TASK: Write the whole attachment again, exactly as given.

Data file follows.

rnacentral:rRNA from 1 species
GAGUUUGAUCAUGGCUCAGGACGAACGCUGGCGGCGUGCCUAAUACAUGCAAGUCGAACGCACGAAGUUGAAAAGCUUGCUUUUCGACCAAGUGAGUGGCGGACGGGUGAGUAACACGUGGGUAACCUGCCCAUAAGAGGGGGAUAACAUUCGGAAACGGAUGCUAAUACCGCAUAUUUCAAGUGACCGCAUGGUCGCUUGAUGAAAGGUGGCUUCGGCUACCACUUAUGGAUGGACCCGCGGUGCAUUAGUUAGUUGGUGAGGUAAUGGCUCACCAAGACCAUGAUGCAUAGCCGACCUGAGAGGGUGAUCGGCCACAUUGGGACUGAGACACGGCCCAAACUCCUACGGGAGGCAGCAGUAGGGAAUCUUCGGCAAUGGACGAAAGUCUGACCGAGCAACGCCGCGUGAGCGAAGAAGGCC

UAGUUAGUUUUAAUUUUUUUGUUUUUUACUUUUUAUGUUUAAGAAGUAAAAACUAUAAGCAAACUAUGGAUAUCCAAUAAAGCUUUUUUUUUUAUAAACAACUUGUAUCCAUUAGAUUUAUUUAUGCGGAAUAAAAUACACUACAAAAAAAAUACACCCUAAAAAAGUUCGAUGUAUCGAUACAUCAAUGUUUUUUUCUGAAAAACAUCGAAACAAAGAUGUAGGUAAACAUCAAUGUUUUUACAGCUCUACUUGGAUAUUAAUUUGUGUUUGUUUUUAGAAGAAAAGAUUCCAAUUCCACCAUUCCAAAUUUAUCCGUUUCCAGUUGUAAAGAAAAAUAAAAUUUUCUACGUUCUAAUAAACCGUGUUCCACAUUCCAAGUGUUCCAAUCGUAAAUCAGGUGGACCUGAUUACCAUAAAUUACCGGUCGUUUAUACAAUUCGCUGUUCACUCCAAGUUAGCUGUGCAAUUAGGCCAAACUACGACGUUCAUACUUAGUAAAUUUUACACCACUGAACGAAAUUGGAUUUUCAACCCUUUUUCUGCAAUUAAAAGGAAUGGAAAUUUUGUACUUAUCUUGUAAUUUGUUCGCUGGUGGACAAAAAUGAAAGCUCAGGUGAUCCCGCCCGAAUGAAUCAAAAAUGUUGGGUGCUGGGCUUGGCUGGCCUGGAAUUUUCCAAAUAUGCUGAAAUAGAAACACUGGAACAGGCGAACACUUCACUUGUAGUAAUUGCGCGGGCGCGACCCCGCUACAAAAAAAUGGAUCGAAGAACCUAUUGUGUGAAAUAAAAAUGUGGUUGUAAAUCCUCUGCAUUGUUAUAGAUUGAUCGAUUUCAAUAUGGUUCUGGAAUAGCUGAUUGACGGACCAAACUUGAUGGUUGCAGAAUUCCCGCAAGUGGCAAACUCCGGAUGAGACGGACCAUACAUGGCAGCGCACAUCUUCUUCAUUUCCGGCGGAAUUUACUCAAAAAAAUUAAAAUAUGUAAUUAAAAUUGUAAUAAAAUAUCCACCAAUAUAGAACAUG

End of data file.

rnacentral:rRNA from 1 species
GAGUUUGAUCAUGGCUCAGGACGAACGCUGGCGGCGUGCCUAAUACAUGCAAGUCGAACGCACGAAGUUGAAAAGCUUGCUUUUCGACCAAGUGAGUGGCGGACGGGUGAGUAACACGUGGGUAACCUGCCCAUAAGAGGGGGAUAACAUUCGGAAACGGAUGCUAAUACCGCAUAUUUCAAGUGACCGCAUGGUCGCUUGAUGAAAGGUGGCUUCGGCUACCACUUAUGGAUGGACCCGCGGUGCAUUAGUUAGUUGGUGAGGUAAUGGCUCACCAAGACCAUGAUGCAUAGCCGACCUGAGAGGGUGAUCGGCCACAUUGGGACUGAGACACGGCCCAAACUCCUACGGGAGGCAGCAGUAGGGAAUCUUCGGCAAUGGACGAAAGUCUGACCGAGCAACGCCGCGUGAGCGAAGAAGGCC

UAGUUAGUUUUAAUUUUUUUGUUUUUUACUUUUUAUGUUUAAGAAGUAAAAACUAUAAGCAAACUAUGGAUAUCCAAUAAAGCUUUUUUUUUUAUAAACAACUUGUAUCCAUUAGAUUUAUUUAUGCGGAAUAAAAUACACUACAAAAAAAAUACACCCUAAAAAAGUUCGAUGUAUCGAUACAUCAAUGUUUUUUUCUGAAAAACAUCGAAACAAAGAUGUAGGUAAACAUCAAUGUUUUUACAGCUCUACUUGGAUAUUAAUUUGUGUUUGUUUUUAGAAGAAAAGAUUCCAAUUCCACCAUUCCAAAUUUAUCCGUUUCCAGUUGUAAAGAAAAAUAAAAUUUUCUACGUUCUAAUAAACCGUGUUCCACAUUCCAAGUGUUCCAAUCGUAAAUCAGGUGGACCUGAUUACCAUAAAUUACCGGUCGUUUAUACAAUUCGCUGUUCACUCCAAGUUAGCUGUGCAAUUAGGCCAAACUACGACGUUCAUACUUAGUAAAUUUUACACCACUGAACGAAAUUGGAUUUUCAACCCUUUUUCUGCAAUUAAAAGGAAUGGAAAUUUUGUACUUAUCUUGUAAUUUGUUCGCUGGUGGACAAAAAUGAAAGCUCAGGUGAUCCCGCCCGAAUGAAUCAAAAAUGUUGGGUGCUGGGCUUGGCUGGCCUGGAAUUUUCCAAAUAUGCUGAAAUAGAAACACUGGAACAGGCGAACACUUCACUUGUAGUAAUUGCGCGGGCGCGACCCCGCUACAAAAAAAUGGAUCGAAGAACCUAUUGUGUGAAAUAAAAAUGUGGUUGUAAAUCCUCUGCAUUGUUAUAGAUUGAUCGAUUUCAAUAUGGUUCUGGAAUAGCUGAUUGACGGACCAAACUUGAUGGUUGCAGAAUUCCCGCAAGUGGCAAACUCCGGAUGAGACGGACCAUACAUGGCAGCGCACAUCUUCUUCAUUUCCGGCGGAAUUUACUCAAAAAAAUUAAAAUAUGUAAUUAAAAUUGUAAUAAAAUAUCCACCAAUAUAGAACAUG